As Transportation Secretary for MDOT, Wiedefeld would be charged with “several high-profile transportation problems in the capital region,” DCist reported. “The Purple Line light rail project is years behind schedule. The I-495/I-270 toll lane project is in limbo and it’s unclear what its fate will be. He would also likely be key to reviving the Red Line in Baltimore, which [Gov.] Moore has signaled he wants to bring back after former Gov. Larry Hogan killed the project years ago.” Additionally, he “would be one of eight representatives on the [WMATA] board,” according to DCist.

Wiedefeld said during the Jan. 24 announcement that “he and the Maryland Department of Transportation will ‘work in partnership and in transparency with communities,’” DCist reported. “‘We are here to serve as a department that delivers services and facilities to meet (Moore’s) goals of social equity, environmental protection, and sustainable communities, and most importantly, a department that enhances the economic opportunities for all the citizens of Maryland.’”

TheStreet on Jan. 25 reported that BNSF owner Warren Buffett expressed opposition to the return of the streetcar to his home city of Omaha in a letter to the editor of Omaha World-Herald.

According to TheStreet, Buffett wrote, “I seldom take sides on local issues. Understandably, it can be off-putting to many to have a wealthy 92-year-old tell them what is good for their future. I’m going to make an exception on the streetcar issue.”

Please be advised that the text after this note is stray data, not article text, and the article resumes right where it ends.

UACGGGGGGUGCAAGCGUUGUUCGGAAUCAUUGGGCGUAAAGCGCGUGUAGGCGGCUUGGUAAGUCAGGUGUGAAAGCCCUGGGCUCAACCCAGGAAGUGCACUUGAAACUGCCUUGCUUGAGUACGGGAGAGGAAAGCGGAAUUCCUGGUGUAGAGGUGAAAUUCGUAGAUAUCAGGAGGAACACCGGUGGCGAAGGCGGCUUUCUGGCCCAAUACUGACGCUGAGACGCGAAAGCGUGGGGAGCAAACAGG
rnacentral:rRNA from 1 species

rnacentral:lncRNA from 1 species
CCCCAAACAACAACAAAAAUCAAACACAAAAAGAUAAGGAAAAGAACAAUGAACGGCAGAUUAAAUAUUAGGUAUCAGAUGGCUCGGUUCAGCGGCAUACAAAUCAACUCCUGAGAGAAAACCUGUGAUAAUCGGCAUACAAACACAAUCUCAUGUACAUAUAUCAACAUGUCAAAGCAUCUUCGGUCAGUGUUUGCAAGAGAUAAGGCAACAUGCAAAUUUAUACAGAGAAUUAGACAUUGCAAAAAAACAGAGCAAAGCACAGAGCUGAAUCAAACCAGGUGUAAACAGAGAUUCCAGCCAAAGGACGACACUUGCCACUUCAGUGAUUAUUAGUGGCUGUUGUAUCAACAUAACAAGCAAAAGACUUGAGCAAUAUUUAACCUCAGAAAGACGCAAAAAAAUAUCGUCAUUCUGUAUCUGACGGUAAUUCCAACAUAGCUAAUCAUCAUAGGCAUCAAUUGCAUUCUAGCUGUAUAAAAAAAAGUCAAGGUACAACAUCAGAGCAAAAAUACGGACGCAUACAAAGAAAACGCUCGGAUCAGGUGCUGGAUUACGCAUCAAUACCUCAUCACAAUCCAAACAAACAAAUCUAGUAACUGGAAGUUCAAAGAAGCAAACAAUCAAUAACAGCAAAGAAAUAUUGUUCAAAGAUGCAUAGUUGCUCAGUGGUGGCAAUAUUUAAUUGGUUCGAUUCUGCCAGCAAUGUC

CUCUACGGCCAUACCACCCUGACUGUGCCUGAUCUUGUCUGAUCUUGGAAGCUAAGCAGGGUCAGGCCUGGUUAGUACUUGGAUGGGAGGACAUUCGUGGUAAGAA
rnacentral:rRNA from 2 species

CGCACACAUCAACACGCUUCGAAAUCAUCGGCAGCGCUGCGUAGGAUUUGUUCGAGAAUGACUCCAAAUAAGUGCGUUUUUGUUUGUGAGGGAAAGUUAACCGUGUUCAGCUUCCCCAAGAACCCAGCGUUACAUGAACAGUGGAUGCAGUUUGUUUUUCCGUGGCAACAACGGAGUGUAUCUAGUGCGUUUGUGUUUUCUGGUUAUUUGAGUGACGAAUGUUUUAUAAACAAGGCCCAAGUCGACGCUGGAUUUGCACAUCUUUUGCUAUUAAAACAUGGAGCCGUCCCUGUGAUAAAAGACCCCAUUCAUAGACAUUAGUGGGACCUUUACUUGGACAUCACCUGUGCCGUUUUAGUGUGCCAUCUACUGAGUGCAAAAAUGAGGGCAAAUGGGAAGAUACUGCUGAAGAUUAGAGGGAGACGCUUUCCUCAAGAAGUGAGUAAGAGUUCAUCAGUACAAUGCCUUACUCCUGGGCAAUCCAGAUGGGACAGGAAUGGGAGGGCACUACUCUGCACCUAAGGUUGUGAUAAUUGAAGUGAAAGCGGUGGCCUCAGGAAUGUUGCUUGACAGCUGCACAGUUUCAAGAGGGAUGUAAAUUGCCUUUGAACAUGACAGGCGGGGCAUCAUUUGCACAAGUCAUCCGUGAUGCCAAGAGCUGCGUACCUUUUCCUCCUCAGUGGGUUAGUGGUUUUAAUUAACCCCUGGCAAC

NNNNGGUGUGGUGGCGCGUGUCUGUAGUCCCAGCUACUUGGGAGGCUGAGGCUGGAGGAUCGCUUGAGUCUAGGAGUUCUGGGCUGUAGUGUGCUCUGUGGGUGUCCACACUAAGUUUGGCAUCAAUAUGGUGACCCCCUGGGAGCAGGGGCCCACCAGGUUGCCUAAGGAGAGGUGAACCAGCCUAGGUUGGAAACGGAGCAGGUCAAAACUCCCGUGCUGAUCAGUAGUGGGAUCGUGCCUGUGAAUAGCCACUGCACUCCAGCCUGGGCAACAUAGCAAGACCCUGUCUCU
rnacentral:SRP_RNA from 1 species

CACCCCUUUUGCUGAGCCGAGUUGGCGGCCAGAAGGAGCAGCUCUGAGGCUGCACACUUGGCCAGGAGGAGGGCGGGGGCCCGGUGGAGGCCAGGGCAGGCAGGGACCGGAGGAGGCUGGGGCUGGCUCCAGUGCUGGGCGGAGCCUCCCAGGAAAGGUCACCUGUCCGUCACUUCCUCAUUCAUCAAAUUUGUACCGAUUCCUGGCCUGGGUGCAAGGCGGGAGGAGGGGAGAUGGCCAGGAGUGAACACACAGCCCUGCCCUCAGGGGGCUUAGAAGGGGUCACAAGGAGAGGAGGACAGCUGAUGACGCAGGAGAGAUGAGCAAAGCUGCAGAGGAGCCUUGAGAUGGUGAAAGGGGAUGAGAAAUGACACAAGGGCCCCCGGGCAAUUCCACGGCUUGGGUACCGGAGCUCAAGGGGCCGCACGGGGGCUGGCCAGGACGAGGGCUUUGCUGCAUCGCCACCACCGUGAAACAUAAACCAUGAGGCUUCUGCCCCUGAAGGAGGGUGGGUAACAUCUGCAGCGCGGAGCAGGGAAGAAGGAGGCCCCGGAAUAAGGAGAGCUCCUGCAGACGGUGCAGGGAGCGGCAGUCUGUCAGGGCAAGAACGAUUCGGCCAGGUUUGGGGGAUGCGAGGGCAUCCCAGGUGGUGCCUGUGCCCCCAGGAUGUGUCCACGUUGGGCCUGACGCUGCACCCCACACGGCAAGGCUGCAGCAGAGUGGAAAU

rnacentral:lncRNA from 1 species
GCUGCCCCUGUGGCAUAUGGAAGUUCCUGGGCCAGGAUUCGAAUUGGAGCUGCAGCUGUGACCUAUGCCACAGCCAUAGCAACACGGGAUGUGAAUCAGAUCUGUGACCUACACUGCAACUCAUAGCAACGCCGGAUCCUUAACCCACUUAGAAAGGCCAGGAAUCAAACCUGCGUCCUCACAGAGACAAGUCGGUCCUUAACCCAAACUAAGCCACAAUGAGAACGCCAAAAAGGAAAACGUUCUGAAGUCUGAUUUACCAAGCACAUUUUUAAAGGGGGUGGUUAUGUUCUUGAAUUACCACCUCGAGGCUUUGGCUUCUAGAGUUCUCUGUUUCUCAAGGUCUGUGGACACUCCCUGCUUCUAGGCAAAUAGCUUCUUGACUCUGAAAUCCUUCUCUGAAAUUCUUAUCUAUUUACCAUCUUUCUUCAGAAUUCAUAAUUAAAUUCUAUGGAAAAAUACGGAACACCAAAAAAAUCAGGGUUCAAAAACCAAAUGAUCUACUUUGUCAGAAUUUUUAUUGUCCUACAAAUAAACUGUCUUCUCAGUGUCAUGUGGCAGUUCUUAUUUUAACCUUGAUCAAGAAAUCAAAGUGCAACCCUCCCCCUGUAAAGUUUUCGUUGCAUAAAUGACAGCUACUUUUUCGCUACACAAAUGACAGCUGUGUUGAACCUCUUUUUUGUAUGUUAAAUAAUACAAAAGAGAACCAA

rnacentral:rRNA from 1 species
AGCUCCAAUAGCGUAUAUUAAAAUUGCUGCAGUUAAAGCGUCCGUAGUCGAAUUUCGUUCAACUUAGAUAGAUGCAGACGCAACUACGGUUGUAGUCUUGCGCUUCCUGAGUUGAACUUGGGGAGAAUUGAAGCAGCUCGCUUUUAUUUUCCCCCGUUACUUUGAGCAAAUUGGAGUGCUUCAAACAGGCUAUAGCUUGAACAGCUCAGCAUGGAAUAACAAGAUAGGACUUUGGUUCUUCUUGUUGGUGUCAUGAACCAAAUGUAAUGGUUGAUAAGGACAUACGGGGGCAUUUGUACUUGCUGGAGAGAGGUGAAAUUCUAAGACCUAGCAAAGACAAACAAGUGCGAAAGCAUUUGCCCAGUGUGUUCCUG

“It’s an important matter, and it’s going to be hugely expensive if implemented,” Buffett continued, according to TheStreet. “For 60 years, I have been interested in the transit industry. In three cities—Dallas, Buffalo and New Bedford—I was a modest-sized owner for many years and in other large cities I have been a creditor of transit operators. I have seen projections and listened to proposals, some by the well-intentioned and some by profit-seeking promotors and advisors. Disappointments almost invariably have followed. The mistakes became imbedded and the costs rolled on.”

“Public transit, it should be emphasized, makes sense as a matter of social equity,” Buffett wrote, according to TheStreet. “‘It requires subsidies, but it helps many,’ Buffett said. But streetcars, he added, ‘are expensive and have very limited utility.’”

“The population actually served is small and routes are inflexible. Residents can be far better served by extended or more intensive service by the bus system. As population, commerce and desired destinations shift, a bus system can be re-engineered. Streetcars keep mindlessly rolling on, fueled by large public subsidies. Mistakes are literally cast in cement.”